“To get good, it’s helpful to be willing, or even enthusiastic, about being bad. Baby steps are the royal road to skill.”
Daniel Coyle, The Talent Code
I love to read non-fiction books, my favorite being books about the brain and how it functions. Weird, I know, but fascinating nonetheless.
Earlier this year, I read The Talent Code, by Daniel Coyle. It is one of my most recent favorites, for a zillion and two reasons. The essence of the book is that talent isn’t born, it’s grown. And in the growth process, there is lots and lots of failure. If we want to be good at something, the author states, we must be willing to fail. Only in failure is greatness possible.
I have thought long and hard about this and I have discussed it endlessly with my kids, as it pertains to so many areas in life.
It is so easy for us to have the desire to be good at something, only to throw up our hands when it isn’t as easy as it looks or because we aren’t as good as “so and so.” However, with persevernce and a lot of mistakes, we can and will get better.
I’m thankful for this in so many ways, one of which is my photography. I was looking back at photos from 2008, a time when I thought I was soooo talented. And oh dear, the truth is: I was bad. And yet, eight years later, two other things are also true:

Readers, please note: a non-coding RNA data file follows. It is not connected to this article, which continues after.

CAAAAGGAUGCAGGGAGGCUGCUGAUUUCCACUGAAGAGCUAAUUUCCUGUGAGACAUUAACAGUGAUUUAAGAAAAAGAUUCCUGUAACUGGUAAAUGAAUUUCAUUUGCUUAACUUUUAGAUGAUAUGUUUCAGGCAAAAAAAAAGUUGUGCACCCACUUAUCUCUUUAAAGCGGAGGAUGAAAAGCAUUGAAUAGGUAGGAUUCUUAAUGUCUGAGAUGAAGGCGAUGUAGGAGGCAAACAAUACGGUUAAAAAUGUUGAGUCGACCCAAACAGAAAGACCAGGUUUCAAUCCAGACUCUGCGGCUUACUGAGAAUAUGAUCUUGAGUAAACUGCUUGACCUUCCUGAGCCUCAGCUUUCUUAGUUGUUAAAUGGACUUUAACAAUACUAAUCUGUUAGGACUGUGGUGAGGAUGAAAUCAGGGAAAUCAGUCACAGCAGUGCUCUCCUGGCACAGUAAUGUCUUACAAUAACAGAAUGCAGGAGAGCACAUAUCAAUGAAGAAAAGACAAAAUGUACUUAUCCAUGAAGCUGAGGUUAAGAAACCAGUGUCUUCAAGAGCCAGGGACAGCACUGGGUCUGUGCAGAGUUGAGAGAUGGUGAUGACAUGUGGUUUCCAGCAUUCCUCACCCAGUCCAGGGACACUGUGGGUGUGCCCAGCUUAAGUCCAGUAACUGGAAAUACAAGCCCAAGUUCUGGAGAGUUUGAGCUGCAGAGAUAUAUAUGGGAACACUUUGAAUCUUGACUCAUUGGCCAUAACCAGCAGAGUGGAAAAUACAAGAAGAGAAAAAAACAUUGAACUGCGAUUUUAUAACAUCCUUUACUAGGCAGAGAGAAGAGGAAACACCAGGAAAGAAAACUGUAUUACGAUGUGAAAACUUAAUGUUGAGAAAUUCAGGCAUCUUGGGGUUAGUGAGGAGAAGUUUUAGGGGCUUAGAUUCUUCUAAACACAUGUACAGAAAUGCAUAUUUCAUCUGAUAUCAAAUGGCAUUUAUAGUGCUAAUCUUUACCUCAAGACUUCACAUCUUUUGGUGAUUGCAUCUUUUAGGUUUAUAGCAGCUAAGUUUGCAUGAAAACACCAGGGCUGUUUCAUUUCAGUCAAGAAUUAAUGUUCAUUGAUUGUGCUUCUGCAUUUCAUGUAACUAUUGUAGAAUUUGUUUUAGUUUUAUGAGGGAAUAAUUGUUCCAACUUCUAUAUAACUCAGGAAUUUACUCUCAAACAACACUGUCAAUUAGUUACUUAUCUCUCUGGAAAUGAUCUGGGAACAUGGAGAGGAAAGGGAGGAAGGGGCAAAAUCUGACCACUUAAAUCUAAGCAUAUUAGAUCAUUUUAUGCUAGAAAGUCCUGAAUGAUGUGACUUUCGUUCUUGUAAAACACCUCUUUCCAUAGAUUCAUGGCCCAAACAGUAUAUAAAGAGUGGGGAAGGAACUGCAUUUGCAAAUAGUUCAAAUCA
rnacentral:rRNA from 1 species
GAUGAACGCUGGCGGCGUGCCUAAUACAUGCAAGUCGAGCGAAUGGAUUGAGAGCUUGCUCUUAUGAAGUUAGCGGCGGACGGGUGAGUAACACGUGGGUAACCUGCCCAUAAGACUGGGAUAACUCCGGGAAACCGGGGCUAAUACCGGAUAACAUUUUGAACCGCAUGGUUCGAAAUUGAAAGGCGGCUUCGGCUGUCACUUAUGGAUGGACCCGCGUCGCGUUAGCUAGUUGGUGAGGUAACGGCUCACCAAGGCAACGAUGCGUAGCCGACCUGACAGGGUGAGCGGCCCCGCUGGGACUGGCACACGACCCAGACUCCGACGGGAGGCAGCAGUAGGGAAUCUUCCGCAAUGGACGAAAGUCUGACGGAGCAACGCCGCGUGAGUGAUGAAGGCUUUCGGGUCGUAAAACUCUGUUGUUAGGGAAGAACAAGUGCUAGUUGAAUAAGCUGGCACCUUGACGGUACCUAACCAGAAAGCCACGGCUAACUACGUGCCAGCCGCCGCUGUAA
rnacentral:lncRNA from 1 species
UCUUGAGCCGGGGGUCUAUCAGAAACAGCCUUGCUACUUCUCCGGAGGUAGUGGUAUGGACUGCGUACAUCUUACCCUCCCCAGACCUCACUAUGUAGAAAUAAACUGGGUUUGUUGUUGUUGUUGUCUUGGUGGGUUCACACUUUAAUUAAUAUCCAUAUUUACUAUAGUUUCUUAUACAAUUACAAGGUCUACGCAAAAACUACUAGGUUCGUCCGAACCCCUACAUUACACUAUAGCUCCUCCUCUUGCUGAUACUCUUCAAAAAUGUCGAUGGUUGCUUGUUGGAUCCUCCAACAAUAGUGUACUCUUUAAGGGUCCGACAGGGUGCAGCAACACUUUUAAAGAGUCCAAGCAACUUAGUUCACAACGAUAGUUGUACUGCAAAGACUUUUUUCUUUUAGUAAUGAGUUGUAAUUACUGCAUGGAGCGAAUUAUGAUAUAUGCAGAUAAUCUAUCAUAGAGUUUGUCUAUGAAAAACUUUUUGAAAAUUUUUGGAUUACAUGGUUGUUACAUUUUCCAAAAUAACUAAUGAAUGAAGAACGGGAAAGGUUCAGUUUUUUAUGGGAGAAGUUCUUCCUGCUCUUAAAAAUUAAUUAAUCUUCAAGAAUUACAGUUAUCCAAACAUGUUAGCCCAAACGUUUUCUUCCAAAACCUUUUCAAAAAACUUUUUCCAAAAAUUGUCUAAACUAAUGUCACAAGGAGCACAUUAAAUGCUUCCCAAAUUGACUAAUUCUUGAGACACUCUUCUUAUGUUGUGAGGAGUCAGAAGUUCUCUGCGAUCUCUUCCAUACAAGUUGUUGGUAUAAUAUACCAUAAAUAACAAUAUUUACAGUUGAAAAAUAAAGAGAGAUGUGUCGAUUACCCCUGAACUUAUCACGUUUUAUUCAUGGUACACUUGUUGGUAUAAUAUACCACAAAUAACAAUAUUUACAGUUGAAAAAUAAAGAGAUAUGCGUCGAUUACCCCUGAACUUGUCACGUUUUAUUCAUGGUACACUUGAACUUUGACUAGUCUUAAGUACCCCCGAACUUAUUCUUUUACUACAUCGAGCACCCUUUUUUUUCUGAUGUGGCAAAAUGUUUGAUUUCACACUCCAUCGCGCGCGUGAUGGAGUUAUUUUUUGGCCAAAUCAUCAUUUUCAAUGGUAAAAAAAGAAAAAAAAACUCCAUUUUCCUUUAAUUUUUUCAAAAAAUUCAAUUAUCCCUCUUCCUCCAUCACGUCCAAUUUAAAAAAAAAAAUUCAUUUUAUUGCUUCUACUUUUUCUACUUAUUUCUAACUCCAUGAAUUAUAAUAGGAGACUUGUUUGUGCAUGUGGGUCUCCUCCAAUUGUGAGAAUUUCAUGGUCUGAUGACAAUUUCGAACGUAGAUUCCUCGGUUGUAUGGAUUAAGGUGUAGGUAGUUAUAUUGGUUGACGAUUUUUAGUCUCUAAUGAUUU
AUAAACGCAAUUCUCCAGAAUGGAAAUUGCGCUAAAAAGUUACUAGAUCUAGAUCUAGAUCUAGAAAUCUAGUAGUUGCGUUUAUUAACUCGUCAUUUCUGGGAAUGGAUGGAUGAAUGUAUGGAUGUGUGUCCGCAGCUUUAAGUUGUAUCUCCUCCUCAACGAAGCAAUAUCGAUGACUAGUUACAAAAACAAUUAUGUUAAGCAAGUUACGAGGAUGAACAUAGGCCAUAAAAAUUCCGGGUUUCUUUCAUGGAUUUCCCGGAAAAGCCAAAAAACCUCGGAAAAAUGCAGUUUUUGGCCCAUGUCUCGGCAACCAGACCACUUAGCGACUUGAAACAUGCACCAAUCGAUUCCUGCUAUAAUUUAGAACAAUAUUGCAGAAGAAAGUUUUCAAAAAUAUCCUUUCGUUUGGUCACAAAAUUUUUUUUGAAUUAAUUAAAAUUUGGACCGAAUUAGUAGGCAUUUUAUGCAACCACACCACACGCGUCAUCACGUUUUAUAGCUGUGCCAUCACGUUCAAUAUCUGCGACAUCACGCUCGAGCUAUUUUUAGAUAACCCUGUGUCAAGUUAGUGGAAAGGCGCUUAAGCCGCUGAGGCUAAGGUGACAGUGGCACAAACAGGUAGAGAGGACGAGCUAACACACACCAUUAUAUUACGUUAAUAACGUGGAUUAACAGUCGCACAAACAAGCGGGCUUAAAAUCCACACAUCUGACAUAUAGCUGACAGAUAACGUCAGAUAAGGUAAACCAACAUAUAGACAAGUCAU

- I am much better. I’m not great, and I am by no means an expert, but I am growing in my skills and abilities.
- Although not photographically, my photos weren’t anything special, they are still my stories and for that reason, I still love them.
I still want to grow as a photographer. Being brave to try something new, I finally attempted panning. For those of you who don’t know, “Panning is a photographic technique that combines a slow shutter speed with camera motion to create a sense of speed around a moving object. It is a way to keep your subject in focus while blurring your background.”
I’ve seen many examples of panning and I was a bit envious. I was pretty sure I couldn’t do it, and so I never tried. The chances of my photos looking like these was highly unlikely. (click photos for source)
And yet, in the spirit of willing to fail in order to get better, I gave it a shot (no pun intended). And you know what?
I FAILED…as in, REALLY FAILED.
I’ll put my photos into three categories: Bad, better, and almost. And then two bonus photos.
BONUS 1: MAYBE THE CLOSEST
As you can clearly see, I didn’t get it right. But you know what? I got better.
It was my first try, and I did it without any directions. When I try again, I’ve now read enough to know more of what settings to use and how to go about it. I am sure I will fail again, but at some point, if I keep working on it, I will succeed.
In failing, I learned two important things:
1. Failing really does make you better. “Don’t look for the big, quick improvement. Seek the small improvement one day at a time. That’s the only way it happens—and when it happens, it lasts.” — John Wooden
2. Sometimes the worst mistakes end up being the best thing that happened:
BONUS 2: MY ‘WHOOPS” BUT REALLY COOL PHOTO